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Senate Committee Approves Cryan-Ruiz Suicide Prevention Program for Young People


Trenton – With suicide ranking as the third leading cause of death for young people between the ages of 10 and 24 in the country, a Senate committee today approved a bill that would include a suicide prevention program in the schools.

The legislation, S-3172, sponsored by Senator Joe Cryan and Senator M. Teresa Ruiz, would have the State Board of Education revise the Core Curriculum Standards in Health and Physical Education to include instruction in suicide prevention and mental health in elementary through high school.

“Reports document the tragedies of the more than 280 young people in New Jersey who took their own lives from 2013 to 2015,” said Senator Cryan (D-Union).  “In many cases there are identifiable and treatable mental health problems involved.  These should be preventable deaths. Recognizing and addressing core mental health issues in young people can save their lives.”

The 2017 New Jersey Youth Suicide Report found that 32 percent of young people who committed suicide were reported to have a mental health problem, but only 25 percent were receiving treatment.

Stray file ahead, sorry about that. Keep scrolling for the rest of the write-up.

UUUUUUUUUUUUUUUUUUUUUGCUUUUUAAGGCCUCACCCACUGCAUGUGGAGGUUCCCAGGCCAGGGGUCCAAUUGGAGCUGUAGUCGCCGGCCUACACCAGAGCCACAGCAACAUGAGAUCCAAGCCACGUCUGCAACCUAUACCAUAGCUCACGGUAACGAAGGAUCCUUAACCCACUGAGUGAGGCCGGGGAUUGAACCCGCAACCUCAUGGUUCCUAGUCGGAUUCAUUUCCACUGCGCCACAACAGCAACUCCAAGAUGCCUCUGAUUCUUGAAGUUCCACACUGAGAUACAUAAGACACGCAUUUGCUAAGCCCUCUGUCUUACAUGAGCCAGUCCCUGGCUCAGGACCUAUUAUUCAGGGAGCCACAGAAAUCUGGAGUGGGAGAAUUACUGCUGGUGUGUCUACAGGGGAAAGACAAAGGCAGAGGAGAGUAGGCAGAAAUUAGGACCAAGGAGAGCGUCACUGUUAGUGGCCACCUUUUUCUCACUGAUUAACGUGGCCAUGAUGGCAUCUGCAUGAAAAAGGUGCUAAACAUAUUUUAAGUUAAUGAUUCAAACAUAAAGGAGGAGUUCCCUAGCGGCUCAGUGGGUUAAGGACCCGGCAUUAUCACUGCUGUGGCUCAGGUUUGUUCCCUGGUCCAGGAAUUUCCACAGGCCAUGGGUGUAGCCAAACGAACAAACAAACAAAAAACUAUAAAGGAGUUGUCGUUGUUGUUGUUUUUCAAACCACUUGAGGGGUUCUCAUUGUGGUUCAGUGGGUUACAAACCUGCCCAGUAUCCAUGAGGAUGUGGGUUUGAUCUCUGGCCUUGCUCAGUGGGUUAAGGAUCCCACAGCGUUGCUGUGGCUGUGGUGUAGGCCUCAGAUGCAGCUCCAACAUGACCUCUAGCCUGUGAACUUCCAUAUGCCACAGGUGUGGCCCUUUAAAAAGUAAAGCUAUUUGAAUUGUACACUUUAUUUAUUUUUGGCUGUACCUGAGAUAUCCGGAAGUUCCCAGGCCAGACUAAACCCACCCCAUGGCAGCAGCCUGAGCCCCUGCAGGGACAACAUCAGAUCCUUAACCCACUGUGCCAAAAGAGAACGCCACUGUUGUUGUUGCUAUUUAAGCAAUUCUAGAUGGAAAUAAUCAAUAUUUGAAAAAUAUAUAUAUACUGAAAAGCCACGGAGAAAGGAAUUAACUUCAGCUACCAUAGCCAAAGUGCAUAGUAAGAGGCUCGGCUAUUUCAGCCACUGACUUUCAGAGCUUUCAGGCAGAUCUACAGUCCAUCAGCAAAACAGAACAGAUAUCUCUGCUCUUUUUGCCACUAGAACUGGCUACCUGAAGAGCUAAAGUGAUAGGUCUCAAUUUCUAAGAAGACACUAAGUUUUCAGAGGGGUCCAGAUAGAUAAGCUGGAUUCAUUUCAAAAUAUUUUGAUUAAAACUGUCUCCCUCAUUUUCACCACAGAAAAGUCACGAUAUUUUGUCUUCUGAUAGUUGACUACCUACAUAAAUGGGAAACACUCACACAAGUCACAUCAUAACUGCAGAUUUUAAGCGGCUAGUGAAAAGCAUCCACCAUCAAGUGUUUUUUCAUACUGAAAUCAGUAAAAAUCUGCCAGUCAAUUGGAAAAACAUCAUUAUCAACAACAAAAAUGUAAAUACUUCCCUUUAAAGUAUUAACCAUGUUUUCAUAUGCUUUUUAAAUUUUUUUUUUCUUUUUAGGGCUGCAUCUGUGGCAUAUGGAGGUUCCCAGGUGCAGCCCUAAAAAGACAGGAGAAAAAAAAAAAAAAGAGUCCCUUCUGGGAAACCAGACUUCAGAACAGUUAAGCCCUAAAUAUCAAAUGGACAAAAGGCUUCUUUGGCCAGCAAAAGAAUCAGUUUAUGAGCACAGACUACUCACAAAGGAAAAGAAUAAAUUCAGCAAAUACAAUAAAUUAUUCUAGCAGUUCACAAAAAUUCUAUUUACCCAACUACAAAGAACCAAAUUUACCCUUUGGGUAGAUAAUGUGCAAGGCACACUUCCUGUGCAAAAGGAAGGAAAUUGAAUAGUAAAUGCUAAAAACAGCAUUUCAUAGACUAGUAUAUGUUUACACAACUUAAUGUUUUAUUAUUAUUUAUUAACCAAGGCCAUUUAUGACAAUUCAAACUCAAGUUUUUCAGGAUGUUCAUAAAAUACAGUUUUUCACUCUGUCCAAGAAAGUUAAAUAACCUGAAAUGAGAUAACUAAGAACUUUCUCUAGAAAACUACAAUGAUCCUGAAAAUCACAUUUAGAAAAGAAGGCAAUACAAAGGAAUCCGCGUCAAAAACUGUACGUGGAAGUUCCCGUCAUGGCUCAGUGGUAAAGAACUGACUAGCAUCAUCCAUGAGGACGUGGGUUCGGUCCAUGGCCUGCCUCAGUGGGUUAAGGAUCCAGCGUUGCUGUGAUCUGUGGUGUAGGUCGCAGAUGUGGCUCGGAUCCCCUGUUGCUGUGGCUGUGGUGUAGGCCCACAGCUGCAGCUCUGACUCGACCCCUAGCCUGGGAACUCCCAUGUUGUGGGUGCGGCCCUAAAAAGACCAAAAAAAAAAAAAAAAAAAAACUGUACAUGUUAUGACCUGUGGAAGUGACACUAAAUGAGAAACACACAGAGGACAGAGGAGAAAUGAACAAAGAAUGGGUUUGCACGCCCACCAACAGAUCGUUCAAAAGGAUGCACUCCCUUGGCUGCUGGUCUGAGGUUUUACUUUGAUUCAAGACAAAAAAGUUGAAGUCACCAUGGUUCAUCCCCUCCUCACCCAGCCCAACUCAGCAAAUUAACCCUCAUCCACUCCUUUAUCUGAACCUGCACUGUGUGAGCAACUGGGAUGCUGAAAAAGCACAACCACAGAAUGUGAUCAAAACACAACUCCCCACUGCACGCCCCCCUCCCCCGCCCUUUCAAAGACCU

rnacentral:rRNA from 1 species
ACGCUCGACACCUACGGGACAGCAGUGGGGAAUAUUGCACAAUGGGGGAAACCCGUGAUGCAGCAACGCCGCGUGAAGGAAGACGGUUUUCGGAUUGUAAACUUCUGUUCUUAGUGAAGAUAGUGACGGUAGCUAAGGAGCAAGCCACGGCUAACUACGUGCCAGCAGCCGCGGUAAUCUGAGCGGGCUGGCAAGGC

“According to the National Alliance on Mental Illness, one in five youth live with a mental health condition, but less than half of them receive needed services,” said Senator Ruiz, who serves as chair of the Senate Education Committee. “Mental illness creates barriers to academic success, and often leads to absenteeism, low achievement and dropping out of school. School personnel can be crucial to identifying students with mental illnesses early and providing links to effective services that can help them and prevent suicides.”

The school instruction would use evidence-based standards adapted to the age and understanding of the students and would include the recognition of warning signs, self-care for mental health and wellness, awareness of the risk of suicide and self-harm, the relationship between mental health, substance abuse, and other negative coping behaviors, the stigma of mental illness and the ability to identify appropriate professionals, services, and family supports for suicide prevention.

The bill was approved by the Senate Education Committee.